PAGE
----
ID Wiring Layout on HLV-H
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  1. #1
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    Default ID Wiring Layout on HLV-H

    Everyone, I hope it ok that I start another thread. With my wiring layout being so different them what Hardinge has done in the past when the unit were new. I am hoping someone can ID the shop or person that might of preformed the work. I had never look at another Hardinge so I didn’t realize the difference.

    All the electrical systems work as Hardinge intended. The one thing that is different is my motor reverse switch is on the head unit. All the HLV-H have had the coolant swith there instead. It would be nice to get a wiring diagram and figure out who might have rebuilt the lathe years ago. The previous owner didn’t seem to know any of the lathes history. There isn’t any buyers remorse on my part, I am shock at how close I can keep parts.
    67ab40c8-4ab4-4691-9580-4776fb3771b5.jpga89f56f1-ae6b-4b7e-9c67-75ef51ca1bef.jpg
    Last edited by majohnson; 03-26-2018 at 01:28 PM.

  2. #2
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    I'm not sure about the wiring diagram but I do know that they are a little bit different in different eras. We have three here that were bought new at different times and they each have a slightly different button layout. We just sent a fourth HLV-H down the road and it was different again and there is another in the stamping dept. that is different again.

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    Quote Originally Posted by majohnson View Post
    Everyone, I hope it ok that I start another thread. With my wiring layout being so different them what Hardinge has done in the past when the unit were new.
    Better title this time. Good job!

    You need to remember that back in the day, most US machine tool vendors offered "special" electrical packages. The factory that I last worked in was designed and built in the late 60s early 70s. All machines were 480v 3 phase. So, any machine purchase would need to have low voltage control circiuts so that the operator would not be close to the high voltage 3 phase.

    That's just one example, and I've seen many more from remote starts to operator panels on manual machines. Back then, if you wanted it, they built it.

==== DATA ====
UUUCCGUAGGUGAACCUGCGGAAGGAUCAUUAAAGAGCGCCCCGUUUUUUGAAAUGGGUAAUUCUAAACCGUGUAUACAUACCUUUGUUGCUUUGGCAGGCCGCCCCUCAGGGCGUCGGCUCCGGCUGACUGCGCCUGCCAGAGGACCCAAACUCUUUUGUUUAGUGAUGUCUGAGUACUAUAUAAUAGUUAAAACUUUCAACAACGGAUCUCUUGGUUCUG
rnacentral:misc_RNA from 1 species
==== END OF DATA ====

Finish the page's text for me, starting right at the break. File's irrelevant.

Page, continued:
Now, most machine tools come from the factory wired for 220 vac 3 phase. If you want something else, maybe the dealer will get you a transformer (big maybe). Most of the time, whomever buys the equipment is left to decide how to install. All the machine tool builder does is provide requirements. I bought a new CNC lathe a few years ago and one of my requirements was high pressure (1,000 psi) coolant. You would have thought that I was asking for the world.
    JR

  4. #4
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    There is a transformer that not wired into the panel. I spoken with a couple different service guys, they all comment that they had not seen any Hardinge wired like mine. Even Linda at Hardinge said the same. There isn’t a tag inside with a diagram code. There is another cabinet on the left side that has master switch, shut down switch, coolant controls, and work light. The looms all have the same crimp on connectors.

    There is no question it been rebuilt. The bed is .003 under factory, and is in great shape. All the ways are in great shape, there is flaking still on some surfaces. I have taken a lot of the lathe for cleaning and servicing.

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    I'd wager yours is pretty much wired like a standard layout, with the parts moved, separated around for some reason (maybe it was redone using misc parts from other machines, with components paced differently). The bits in the box actually look similar to most, but just shuffled around in location. If you took one of the standard wiring diagrams that have been posted here, and compare/trace what you have, it is probably virtually the same function and components. Cheers

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